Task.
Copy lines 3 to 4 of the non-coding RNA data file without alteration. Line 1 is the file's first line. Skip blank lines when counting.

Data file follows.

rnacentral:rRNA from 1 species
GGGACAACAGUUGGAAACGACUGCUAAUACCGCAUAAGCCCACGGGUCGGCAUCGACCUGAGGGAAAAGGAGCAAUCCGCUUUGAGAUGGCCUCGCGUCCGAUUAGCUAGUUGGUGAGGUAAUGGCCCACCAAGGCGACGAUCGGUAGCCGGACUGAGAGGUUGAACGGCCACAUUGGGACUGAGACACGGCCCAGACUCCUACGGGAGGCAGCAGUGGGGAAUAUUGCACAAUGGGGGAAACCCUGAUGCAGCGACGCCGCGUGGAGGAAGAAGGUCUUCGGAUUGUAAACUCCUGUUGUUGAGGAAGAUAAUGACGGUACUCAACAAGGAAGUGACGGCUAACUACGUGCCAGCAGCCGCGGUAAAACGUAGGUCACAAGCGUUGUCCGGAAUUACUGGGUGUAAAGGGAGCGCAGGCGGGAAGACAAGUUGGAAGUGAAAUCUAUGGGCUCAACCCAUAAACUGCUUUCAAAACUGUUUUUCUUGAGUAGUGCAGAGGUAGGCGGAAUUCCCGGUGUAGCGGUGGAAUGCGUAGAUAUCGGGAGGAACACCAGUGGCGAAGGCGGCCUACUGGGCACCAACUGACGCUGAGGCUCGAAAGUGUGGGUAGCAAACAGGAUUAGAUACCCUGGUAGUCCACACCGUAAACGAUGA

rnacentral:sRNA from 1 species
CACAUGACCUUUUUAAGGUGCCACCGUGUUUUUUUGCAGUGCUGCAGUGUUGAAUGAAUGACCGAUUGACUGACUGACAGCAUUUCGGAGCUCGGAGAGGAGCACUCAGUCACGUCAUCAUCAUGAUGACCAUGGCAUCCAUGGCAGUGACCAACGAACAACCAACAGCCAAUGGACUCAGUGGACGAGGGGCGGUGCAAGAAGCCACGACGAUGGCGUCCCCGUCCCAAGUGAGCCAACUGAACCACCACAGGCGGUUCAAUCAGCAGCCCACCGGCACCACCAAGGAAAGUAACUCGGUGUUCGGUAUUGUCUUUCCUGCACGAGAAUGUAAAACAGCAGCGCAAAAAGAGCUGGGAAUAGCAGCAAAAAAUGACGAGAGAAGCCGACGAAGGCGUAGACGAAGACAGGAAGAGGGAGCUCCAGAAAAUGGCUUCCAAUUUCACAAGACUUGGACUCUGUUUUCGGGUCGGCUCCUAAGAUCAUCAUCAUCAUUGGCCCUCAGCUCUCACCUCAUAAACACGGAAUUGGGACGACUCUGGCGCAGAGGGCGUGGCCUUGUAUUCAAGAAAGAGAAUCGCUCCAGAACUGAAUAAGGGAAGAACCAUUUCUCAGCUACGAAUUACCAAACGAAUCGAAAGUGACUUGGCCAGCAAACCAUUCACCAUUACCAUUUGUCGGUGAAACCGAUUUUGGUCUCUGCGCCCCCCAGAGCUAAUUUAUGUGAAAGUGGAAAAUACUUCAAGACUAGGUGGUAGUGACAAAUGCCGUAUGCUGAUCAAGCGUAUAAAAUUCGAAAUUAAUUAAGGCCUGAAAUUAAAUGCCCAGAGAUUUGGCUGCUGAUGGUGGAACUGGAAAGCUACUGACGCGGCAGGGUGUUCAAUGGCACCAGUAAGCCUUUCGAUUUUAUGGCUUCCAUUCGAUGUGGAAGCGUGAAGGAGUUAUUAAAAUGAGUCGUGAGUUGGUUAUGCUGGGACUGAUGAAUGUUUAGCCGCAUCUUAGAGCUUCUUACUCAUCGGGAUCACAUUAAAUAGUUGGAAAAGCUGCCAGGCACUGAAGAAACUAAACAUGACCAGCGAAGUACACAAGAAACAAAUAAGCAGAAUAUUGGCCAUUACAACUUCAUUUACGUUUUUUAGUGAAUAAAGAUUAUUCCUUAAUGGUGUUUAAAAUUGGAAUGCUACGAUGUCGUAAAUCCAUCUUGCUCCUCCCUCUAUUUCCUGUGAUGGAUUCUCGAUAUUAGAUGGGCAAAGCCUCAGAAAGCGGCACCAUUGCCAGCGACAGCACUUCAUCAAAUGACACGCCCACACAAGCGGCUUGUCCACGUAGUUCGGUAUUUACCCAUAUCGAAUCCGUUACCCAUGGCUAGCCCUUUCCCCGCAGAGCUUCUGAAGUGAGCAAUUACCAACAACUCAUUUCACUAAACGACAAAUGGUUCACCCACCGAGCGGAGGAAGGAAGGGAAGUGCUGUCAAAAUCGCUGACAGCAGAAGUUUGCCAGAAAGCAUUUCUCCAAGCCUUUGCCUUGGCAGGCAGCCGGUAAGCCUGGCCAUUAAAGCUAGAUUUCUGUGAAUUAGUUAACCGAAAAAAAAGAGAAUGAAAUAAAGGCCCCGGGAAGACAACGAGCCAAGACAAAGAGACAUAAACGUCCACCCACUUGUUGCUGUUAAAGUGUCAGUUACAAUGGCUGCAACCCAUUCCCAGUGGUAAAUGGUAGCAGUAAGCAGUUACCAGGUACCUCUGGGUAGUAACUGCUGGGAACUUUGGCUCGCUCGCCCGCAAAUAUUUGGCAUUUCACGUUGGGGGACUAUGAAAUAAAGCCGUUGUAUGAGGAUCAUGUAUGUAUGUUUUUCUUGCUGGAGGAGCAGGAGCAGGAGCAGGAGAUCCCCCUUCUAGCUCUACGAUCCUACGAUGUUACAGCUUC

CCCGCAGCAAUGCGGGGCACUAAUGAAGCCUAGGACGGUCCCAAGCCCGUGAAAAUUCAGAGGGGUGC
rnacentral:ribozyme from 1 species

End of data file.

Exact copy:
rnacentral:sRNA from 1 species
CACAUGACCUUUUUAAGGUGCCACCGUGUUUUUUUGCAGUGCUGCAGUGUUGAAUGAAUGACCGAUUGACUGACUGACAGCAUUUCGGAGCUCGGAGAGGAGCACUCAGUCACGUCAUCAUCAUGAUGACCAUGGCAUCCAUGGCAGUGACCAACGAACAACCAACAGCCAAUGGACUCAGUGGACGAGGGGCGGUGCAAGAAGCCACGACGAUGGCGUCCCCGUCCCAAGUGAGCCAACUGAACCACCACAGGCGGUUCAAUCAGCAGCCCACCGGCACCACCAAGGAAAGUAACUCGGUGUUCGGUAUUGUCUUUCCUGCACGAGAAUGUAAAACAGCAGCGCAAAAAGAGCUGGGAAUAGCAGCAAAAAAUGACGAGAGAAGCCGACGAAGGCGUAGACGAAGACAGGAAGAGGGAGCUCCAGAAAAUGGCUUCCAAUUUCACAAGACUUGGACUCUGUUUUCGGGUCGGCUCCUAAGAUCAUCAUCAUCAUUGGCCCUCAGCUCUCACCUCAUAAACACGGAAUUGGGACGACUCUGGCGCAGAGGGCGUGGCCUUGUAUUCAAGAAAGAGAAUCGCUCCAGAACUGAAUAAGGGAAGAACCAUUUCUCAGCUACGAAUUACCAAACGAAUCGAAAGUGACUUGGCCAGCAAACCAUUCACCAUUACCAUUUGUCGGUGAAACCGAUUUUGGUCUCUGCGCCCCCCAGAGCUAAUUUAUGUGAAAGUGGAAAAUACUUCAAGACUAGGUGGUAGUGACAAAUGCCGUAUGCUGAUCAAGCGUAUAAAAUUCGAAAUUAAUUAAGGCCUGAAAUUAAAUGCCCAGAGAUUUGGCUGCUGAUGGUGGAACUGGAAAGCUACUGACGCGGCAGGGUGUUCAAUGGCACCAGUAAGCCUUUCGAUUUUAUGGCUUCCAUUCGAUGUGGAAGCGUGAAGGAGUUAUUAAAAUGAGUCGUGAGUUGGUUAUGCUGGGACUGAUGAAUGUUUAGCCGCAUCUUAGAGCUUCUUACUCAUCGGGAUCACAUUAAAUAGUUGGAAAAGCUGCCAGGCACUGAAGAAACUAAACAUGACCAGCGAAGUACACAAGAAACAAAUAAGCAGAAUAUUGGCCAUUACAACUUCAUUUACGUUUUUUAGUGAAUAAAGAUUAUUCCUUAAUGGUGUUUAAAAUUGGAAUGCUACGAUGUCGUAAAUCCAUCUUGCUCCUCCCUCUAUUUCCUGUGAUGGAUUCUCGAUAUUAGAUGGGCAAAGCCUCAGAAAGCGGCACCAUUGCCAGCGACAGCACUUCAUCAAAUGACACGCCCACACAAGCGGCUUGUCCACGUAGUUCGGUAUUUACCCAUAUCGAAUCCGUUACCCAUGGCUAGCCCUUUCCCCGCAGAGCUUCUGAAGUGAGCAAUUACCAACAACUCAUUUCACUAAACGACAAAUGGUUCACCCACCGAGCGGAGGAAGGAAGGGAAGUGCUGUCAAAAUCGCUGACAGCAGAAGUUUGCCAGAAAGCAUUUCUCCAAGCCUUUGCCUUGGCAGGCAGCCGGUAAGCCUGGCCAUUAAAGCUAGAUUUCUGUGAAUUAGUUAACCGAAAAAAAAGAGAAUGAAAUAAAGGCCCCGGGAAGACAACGAGCCAAGACAAAGAGACAUAAACGUCCACCCACUUGUUGCUGUUAAAGUGUCAGUUACAAUGGCUGCAACCCAUUCCCAGUGGUAAAUGGUAGCAGUAAGCAGUUACCAGGUACCUCUGGGUAGUAACUGCUGGGAACUUUGGCUCGCUCGCCCGCAAAUAUUUGGCAUUUCACGUUGGGGGACUAUGAAAUAAAGCCGUUGUAUGAGGAUCAUGUAUGUAUGUUUUUCUUGCUGGAGGAGCAGGAGCAGGAGCAGGAGAUCCCCCUUCUAGCUCUACGAUCCUACGAUGUUACAGCUUC